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Thursday, March 31, 2016

In honor of my friend

Sabra Thurber, Erin Brock (me), and Kyra Thurber, some time in the late 1980's

I was fifteen when I met Kyra for the first time. And I was terrified. Here was this olive-skinned, worldly, bright, stunningly beautiful girl, and there I was: pale, plain, too-short hair, a few scars already on my arms from cutting. We hated each other on sight.

We have been friends ever since. We've had fights, arguments. stopped speaking to one another, moved away. moved back, survived rape, domestic violence, death, adultery, and general horribleness. A friendship that started out as unabashed dislike bloomed into something that's lasted over thirty years.

When I got my driver's license, my parents forbade me from driving around and around Lake Harriet (in south Minneapolis). This was known as cruising, and since I was driving my mom's car, it was a big no-no. Obviously, I did it anyway. One evening, Kyra, our friend Tanya, and I were cruising around Lake Harriet, and we came to a sudden stop behind a car parked in the middle of the road. To this day, Kyra swears what happened didn't happen, but what happened is she gave them the finger when we finally passed. And they chased us for the next two hours. I drove over curbs, over grass, possibly through bushes, speeding, swearing, most likely crying at some point, because these assholes would not stop. We ended up in the parking lot of a gas station. I threw a shoe at them. We called 911, who didn't believe us, because I guess, in hindsight, it did sound pretty weird. The taillight on my mom's Dasher was smashed at some point, and I had to pay for that. For a very, very, very long time.

Kyra is the closest thing I have to a sister. She is brave beyond measure, caring without abandon, she is a survivor and a thriver. She is strong and funny and gorgeous and no matter how much time passes between phone calls, when we chat, it's as if no time has passed at all. She is what a friend is supposed to be.

And two nights ago, during a phone conversation, Kyra told me I am her hero, because I am telling my truth about Children's Theatre. Kyra was a student there, too, and has her own story. We both received excellent grades, even though we rarely attended classes, choosing instead to hold court in Fair Oaks coffee shop. Fair Oaks is also where I learned to love French fries and mayonnaise. The grades were a surprise, especially the B's we both received in classes that weren't even offered at CTC, but that's another story for another time.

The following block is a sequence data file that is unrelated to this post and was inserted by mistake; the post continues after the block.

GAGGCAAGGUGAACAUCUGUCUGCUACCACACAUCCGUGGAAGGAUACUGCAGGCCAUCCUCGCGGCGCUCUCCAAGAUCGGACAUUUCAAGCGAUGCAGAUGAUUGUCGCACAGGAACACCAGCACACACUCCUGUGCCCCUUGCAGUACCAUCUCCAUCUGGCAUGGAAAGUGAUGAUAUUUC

Kyra's family took me in when, at age 16, my mother threw me out of the house. They fed me, and sheltered me, and cared for me when my own mother would not. I have always been grateful for that. My parents-mostly my mom-did not like Kyra, most likely because she saw through the facade, and realized the kind of person my mother really was. Funny, that's one of the reasons I love Ky so much; she knew, she always knew.

We get to see each other this weekend, for the first time in a few years. In honor of my friend, I am cleaning my house (hoping she and her kids will be able to stop by), getting a haircut, and buying waterproof mascara, because I know there will be crying, at least on my part. My husband thinks it's pretty amazing that Ky and I have remained friends for so long, especially since we both have survived trauma. It's not amazing, or maybe it is, but I can't imagine a life without her friendship.

In honor of Kyra, I write about my friend, my sister, my partner in crime (not for awhile but there were things...) and one of the bravest women I know. I love you.

Wednesday, March 30, 2016

The Privileged Progressive

Image from Getty

If you've spent any time on the internet of late, you have most likely bumped into a privileged progressive. Privileged progressives are the charming folks who say that if Bernie Sanders is not the nominee, they are either not going to vote at all, write in Jill Stein, or vote for Donald Trump. Because throwing the White House away doesn't affect a privileged progressive.

A typical privileged progressive is usually pretty well-off, usually white, and won't be harmed in any way by a Trump presidency. They're not Muslim, or refugees, or immigrants, so his xenophobia is offensive, yes, but not personally so. They treat women with respect, so Trump's horrible misogyny is offensive, yes, but not personally so. They think Black Lives Matter, so Trump's calling the BLM movement a terrorist organization is offensive, but not personally so.

Privileged progressives like Bernie Sanders because he hates the super-rich, even if they themselves are super-rich. It's not them who are the problem; it's the Walton family, and the Koch brothers. Heck, Bernie's got a little money tucked away (in his wife's name), but he's rumpled and doesn't dress fancy, so he's just fine.

Luckily, privileged progressives now have a poster child: Susan Sarandon. Sarandon appeared on MSNBC recently with Chris Hayes, to chat about how much she loves Bernie Sanders, despises Hillary Clinton, and Monsanto (oh for the love of GOD), and thinks voting for Donald Trump if her pet politician doesn't get the nomination might be a good idea. Oh come on, you say, you're misinterpreting her comments. Well, if I am, then so are The Washington Post, The Atlantic, CNN, Business Insider, and Gawker's click bait site for feminists, Jezebel.